Tuesday, September 22, 2020
Jamie Vollmer Recounts What He Learned about Education from Blueberries
Wednesday, March 11, 2020


Jamie Vollmer was tabbed to join a group of business people tasked with improving public schools after his blueberry ice cream was named the best ice cream in America by “People Magazine.”

He took his role seriously, hell-bent on convincing teachers that they were the problem—that they  resisted change and that they had no reason to change, being protected by tenure.

If I ran my ice cream business the way you do schools, I’d be out of business, he told them. You need to look to business to learn how to produce a quality product with zero defects.”

As he spoke, he told an audience at the Community Library this past week, he could sense the teachers becoming angrier by the moment. As soon as he finished, a teacher’s hand shot up.

“We are told, sir, that you manage a company that makes good ice cream,” she began.

“Best ice cream in America, ma’am,” Vollmer replied.

“Is it rich and smooth? Premium ingredients?” she continued.

“Super-premium,” Vollmer replied.

“Mr. Vollmer,” she continued. “When an inferior shipment of blueberries arrives, what do you do?”

“I send them back,” he replied.

“That’s right!” she hit him square between the eyes. “We can never send back our blueberries. We take them—big, small, rich, poor, gifted, exceptional, confident, frightened, brilliant, abused. We take them with ADHD and we take those for whom English is a second language. We take them all. And that is why school is not a business. It’s school.”

Set back on his feet, Vollmer told the audience, he realized he had to look at schools differently. And, since, he’s come to understand that schools are subject to the whims of the legislature for funding, that the one-style-fits all model of public education does not work for all students and that no one can agree on what the final product of an educational system could be.

Vollmer explained that in 1785 Thomas Jefferson designed the school system we still use today. He wrote then that the purpose of public schools was to “rake the genius from the rubbish annually.” That worked well for a society that required legions of laborers. Today the opposite is true as there’s little demand for laborers and much need for students who are technological wizards, who can think out of the box and who can work in teams.

School need to change, creating curriculums that make sense for the 21st century, he said. But they can’t change without the culture changing. They need their community to offer a clearly articulated vision of what it wants or needs from its schools.

Blaine County School District Trustee Lara Stone took two days off work to attend all seven of Vollmer’s presentations. She had read his book, “Schools Cannot Do It Alone,” a few years ago. And, she says reading it changed her perspective on public schools and their role in community.

It even provided the catalyst for her to run for the school board in November 2019.

“Mr. Vollmer explained that never before has a country tried to educate every child to their highest potential. Yet we must because in today’s economy a mere 11 percent of jobs are available to unskilled workers, down from 77 percent in the late 1960s,” she said. “To have a chance at the American Dream, every child needs to graduate from high school prepared for additional education.”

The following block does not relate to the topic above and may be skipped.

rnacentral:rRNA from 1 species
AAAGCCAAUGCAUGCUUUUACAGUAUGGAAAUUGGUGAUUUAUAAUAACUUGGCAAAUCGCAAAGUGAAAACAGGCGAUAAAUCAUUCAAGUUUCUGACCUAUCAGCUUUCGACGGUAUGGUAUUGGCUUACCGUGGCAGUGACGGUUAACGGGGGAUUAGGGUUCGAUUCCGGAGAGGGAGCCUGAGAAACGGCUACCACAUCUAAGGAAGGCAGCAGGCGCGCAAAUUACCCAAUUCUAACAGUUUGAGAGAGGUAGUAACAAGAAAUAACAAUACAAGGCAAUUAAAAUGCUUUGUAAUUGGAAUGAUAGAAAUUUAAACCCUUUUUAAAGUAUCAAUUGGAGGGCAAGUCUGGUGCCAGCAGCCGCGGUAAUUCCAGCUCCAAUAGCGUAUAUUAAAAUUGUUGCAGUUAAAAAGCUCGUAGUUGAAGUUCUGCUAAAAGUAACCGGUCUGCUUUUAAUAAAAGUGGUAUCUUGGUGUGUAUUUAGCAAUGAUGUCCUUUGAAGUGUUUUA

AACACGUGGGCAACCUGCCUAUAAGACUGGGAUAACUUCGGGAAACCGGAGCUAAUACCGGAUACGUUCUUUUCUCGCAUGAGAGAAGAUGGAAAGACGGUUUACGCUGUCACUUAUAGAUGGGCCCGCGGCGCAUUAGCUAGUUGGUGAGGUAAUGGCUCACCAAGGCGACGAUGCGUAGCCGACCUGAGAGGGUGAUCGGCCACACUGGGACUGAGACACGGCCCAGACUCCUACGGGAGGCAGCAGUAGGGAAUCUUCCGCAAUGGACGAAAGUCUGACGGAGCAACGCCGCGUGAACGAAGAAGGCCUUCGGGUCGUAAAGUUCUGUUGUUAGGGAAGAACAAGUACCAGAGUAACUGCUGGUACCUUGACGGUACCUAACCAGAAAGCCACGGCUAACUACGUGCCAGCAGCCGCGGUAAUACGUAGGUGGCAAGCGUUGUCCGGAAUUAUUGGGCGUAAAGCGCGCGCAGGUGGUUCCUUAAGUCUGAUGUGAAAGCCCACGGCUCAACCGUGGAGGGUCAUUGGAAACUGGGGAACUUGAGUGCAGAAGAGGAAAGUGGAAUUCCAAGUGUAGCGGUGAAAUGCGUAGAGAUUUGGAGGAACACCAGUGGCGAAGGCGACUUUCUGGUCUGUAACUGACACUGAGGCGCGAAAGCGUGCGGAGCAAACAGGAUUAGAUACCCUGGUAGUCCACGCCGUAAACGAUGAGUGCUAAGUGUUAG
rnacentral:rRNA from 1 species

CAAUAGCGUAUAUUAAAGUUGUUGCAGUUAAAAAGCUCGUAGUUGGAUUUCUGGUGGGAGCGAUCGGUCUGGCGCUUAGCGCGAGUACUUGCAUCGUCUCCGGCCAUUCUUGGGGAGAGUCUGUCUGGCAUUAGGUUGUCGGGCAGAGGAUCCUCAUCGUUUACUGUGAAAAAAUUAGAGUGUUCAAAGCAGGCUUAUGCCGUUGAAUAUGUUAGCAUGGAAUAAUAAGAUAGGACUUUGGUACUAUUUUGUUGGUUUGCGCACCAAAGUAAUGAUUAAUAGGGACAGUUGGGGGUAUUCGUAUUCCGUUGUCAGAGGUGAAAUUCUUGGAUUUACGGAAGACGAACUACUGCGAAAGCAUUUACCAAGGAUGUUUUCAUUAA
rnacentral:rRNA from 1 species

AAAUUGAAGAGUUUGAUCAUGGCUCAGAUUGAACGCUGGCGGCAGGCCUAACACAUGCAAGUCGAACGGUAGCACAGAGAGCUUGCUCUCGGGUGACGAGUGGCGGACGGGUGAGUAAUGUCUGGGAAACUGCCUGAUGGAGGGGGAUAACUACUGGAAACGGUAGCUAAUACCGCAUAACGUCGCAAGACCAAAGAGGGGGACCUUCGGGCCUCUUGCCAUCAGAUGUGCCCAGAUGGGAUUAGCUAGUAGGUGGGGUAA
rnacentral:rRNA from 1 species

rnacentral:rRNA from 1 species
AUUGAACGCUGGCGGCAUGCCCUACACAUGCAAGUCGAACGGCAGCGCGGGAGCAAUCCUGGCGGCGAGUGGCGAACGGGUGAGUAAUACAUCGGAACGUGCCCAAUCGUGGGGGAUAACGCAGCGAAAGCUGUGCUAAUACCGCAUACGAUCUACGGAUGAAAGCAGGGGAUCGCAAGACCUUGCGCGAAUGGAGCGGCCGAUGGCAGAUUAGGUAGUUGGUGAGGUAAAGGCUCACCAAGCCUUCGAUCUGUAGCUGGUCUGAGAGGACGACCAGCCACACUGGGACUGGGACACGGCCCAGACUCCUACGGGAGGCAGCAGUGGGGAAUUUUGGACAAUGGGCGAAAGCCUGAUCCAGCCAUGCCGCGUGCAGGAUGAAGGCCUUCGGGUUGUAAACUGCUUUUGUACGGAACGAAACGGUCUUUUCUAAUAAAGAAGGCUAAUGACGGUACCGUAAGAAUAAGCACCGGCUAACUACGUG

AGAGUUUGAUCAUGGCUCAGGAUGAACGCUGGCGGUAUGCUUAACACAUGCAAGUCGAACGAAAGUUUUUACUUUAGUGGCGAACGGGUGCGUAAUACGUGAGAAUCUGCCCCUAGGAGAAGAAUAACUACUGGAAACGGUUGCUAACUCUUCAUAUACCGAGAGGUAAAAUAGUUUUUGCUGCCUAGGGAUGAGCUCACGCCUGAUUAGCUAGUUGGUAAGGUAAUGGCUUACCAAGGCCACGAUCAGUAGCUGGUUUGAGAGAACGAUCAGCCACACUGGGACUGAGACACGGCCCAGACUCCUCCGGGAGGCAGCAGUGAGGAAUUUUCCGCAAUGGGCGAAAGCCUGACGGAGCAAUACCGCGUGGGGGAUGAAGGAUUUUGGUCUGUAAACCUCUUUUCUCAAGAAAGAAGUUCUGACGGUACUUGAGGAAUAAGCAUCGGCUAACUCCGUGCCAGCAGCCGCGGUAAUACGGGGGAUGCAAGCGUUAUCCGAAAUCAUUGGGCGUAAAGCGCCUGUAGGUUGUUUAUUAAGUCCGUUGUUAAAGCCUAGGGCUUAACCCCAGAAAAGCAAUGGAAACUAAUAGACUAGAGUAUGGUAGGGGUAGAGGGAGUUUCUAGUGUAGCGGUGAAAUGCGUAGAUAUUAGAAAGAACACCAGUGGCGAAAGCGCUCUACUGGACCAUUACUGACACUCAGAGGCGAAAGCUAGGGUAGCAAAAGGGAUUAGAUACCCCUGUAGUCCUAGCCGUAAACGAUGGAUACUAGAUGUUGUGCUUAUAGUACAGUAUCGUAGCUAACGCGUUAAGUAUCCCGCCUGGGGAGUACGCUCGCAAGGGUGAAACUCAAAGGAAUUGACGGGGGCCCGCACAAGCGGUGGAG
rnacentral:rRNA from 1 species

The good news, Stone said, is that Blaine County teachers are using more creative ways than ever to teach and engage more students.

“Our school system used to fail so many kids. The high school dropout rate in 1964 was 38 percent. Today, Blaine County School District’s graduation rate is 90 percent—and striving for 100 percent. Astonishing progress in my lifetime,” she said.

Stone said she and other board members would love to hear the community’s thoughts by email, phone and during meetings.

“Mr. Vollmer shared his message that public schools cannot succeed without the support of their communities. The first step towards earning that support is engaging the community in a conversation—with a capital C.”

Those who wish to get involved can start with a workshop on the Blaine County School District’s proposal for a plant facilities levy on March 16. The Finance Committee will unveil its levy proposal at 5:30 p.m. Monday, March 16, at the Community Campus.


Blaine County School District trustees agreed to revisit the calendar for the next two years at Monday's school board meeting.


Just a few days following Jamie Vollmer’s presentation, Blaine County School Superintendent GwenCarol Holmes announced her resignation. Holmes told district staff in an email Monday that she will step down at the end of her contract on June 30, 2021.

Holmes has been embattled throughout much of her time as superintendent. A district survey released to the public in February showed that 71 per cent of parents and staff members were dissatisfied with Holmes. A citizen’s group presented a petition to remove her this past year, saying she was disconnected from parents, teachers, staff and community members, that she disdained public feedback and that she silenced teachers.

Trustee Rob Clayton filed a tort claim alleging he was bullied and slandered by the district. And former human resources director Shannon Maza settled a claim out of court.

Holmes succeeded Lonnie Barber in 2014.










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